This is rather ironic. When I got to my office this morning here on Capitol Hill, I picked up the Washington Post and started looking for its story on the annual March for Life, which usually brings somewhere between 200,000 and 400,000 people to the city to mark the anniversary of Roe vs. Wade. There are times when the advance story makes the Metro front, but most of the time you look for something short inside the paper somewhere.
I'm still looking. Did I miss something?
However, my screen saver is Google News and, sure enough, there was a Post story in the national news section about the march -- marked "1 hour ago." I assume this means that I can stop looking in the newspaper that arrived on the front steps at my office.
Now, in the modern, 24/7 era of digital journalism, there are all kinds of stories, posts and commentaries produced in a major newsroom that never see analog ink. The tree pulp world, after all, is declining while the digital grows.
However, these kinds of editorial decisions are still interesting and, I am sure, some will say that they are revealing.
Think of this as the journalistic equivalent of a movie going "direct to DVD." Here is a piece of that short online report:
Coming two days after the nation inaugurated a president who is a staunch supporter of abortion rights, the annual March for Life is sure to feel different than it did during the eight years when former President George W. Bush, an abortion opponent, was in the White House.
Bush traditionally sent a presidential message of support to the marchers when they gathered every year. He appointed right-leaning Supreme Court justices who could shift the court's support for Roe vs. Wade, and his administration implemented several anti-abortion laws, including a prohibition on U.S. aid to international organizations that perform abortions or refer women to abortion clinics.
President Obama, an outspoken supporter of a woman's right to terminate a pregnancy, is expected to reverse that prohibition today or in the near future.
March for Life organizers invited the new president to speak at today's rally, according to a letter posted on the group's Web site. "America needs your strong leadership as President of all of the people to stop the intentional killing of an estimated 3,000 preborn boys and girls each day and the brutalizing of mind, heart and body of pregnant mothers," the letter said.
Frankly, the language in that report is solid and rather neutral. It goes on to mention that the march will cause street closings and hassles in the area around the National Mall, which is still being cleaned up after the massive celebrations surround the inauguration. Hopefully, people can read those warnings on their iPhones and Blackberry devices as they drive to work.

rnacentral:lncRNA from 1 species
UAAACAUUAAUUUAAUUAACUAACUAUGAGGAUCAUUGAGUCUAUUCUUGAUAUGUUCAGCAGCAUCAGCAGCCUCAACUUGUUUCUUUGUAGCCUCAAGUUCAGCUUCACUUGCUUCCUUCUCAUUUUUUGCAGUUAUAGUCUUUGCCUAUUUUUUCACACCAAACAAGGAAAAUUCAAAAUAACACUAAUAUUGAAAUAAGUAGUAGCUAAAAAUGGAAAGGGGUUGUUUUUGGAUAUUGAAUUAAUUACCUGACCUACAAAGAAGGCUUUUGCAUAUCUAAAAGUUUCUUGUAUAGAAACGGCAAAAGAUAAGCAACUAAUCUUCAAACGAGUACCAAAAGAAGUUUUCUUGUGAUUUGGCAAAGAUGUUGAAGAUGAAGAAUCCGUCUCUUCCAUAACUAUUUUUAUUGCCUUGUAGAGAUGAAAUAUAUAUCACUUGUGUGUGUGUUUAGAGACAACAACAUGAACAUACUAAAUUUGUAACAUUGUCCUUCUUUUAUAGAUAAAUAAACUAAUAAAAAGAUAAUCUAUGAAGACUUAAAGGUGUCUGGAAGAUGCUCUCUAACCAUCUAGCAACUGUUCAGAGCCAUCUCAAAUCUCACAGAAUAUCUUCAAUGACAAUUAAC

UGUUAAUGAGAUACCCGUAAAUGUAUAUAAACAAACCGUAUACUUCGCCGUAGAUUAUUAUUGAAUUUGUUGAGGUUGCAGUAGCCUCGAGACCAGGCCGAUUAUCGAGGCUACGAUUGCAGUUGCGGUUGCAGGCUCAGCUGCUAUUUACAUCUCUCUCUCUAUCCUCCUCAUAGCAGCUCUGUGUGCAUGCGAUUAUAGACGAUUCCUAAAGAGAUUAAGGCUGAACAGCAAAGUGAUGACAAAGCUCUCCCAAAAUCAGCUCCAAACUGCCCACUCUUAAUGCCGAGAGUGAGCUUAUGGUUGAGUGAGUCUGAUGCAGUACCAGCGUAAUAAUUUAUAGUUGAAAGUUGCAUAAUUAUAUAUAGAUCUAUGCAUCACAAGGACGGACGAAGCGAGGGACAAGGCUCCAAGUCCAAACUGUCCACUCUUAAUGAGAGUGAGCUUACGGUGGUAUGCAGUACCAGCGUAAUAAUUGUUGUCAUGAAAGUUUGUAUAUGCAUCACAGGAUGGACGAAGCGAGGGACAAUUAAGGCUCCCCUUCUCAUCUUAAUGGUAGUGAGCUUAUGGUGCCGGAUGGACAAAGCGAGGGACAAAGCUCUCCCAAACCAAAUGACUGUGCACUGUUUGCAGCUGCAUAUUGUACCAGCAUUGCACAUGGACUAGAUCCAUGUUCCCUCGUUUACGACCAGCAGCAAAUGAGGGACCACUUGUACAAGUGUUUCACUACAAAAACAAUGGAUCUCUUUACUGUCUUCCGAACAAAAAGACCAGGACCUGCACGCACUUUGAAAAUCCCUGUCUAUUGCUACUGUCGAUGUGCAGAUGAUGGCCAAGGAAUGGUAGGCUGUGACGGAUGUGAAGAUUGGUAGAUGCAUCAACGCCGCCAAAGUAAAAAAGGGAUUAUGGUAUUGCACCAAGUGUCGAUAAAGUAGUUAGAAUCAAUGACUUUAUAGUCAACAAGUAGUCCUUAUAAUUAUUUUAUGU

Meanwhile, the Washington Times offered an A1 story by Jennifer Harper that forms a rather ironic counterpoint to the short, direct-to-online report at the competition. Here is a piece of that:
... Nellie Gray -- who founded the March for Life 36 years ago -- pines for some meaningful attention from the press. Her marchers were to hit the streets near the Capitol on Thursday, virtually retracing the steps of an estimated 1.8 million inaugural revelers whose every move was chronicled by a crush of media just two days earlier.
Perhaps journalists are just tired. The chances are good, however, that news organizations will not be in close attendance for the pro-life crowds. The event has not been much of a press draw over time, and this year would seem particularly bleak.
"I'm not complaining that the news people covered the inauguration so closely. It's all right. We do have a press platform at our march, and I have seen cameras there in the past. But what we usually end up with is a story with a tiny little comment from one individual marcher," Miss Gray said.
"What we're more interested in is some full coverage of our life principles, and why we are out here in the middle of winter. Why do people get on buses and come here to the Mall, to talk to Congress? It would help if the press would see that as news," she said.
I am sure that we will read about the march tomorrow in both papers. It's hard to ignore that many people in the streets.
Of course, anyone who has worked in journalism knows that the real test of an editor's interest in an event is in the advance story that is published.
Again, did I miss something in another tree-pulp Post edition? I hope GetReligion readers in the greater Washington, D.C., area can help me answer that question.
Photo: 2007 March for Life in Washington, D.C.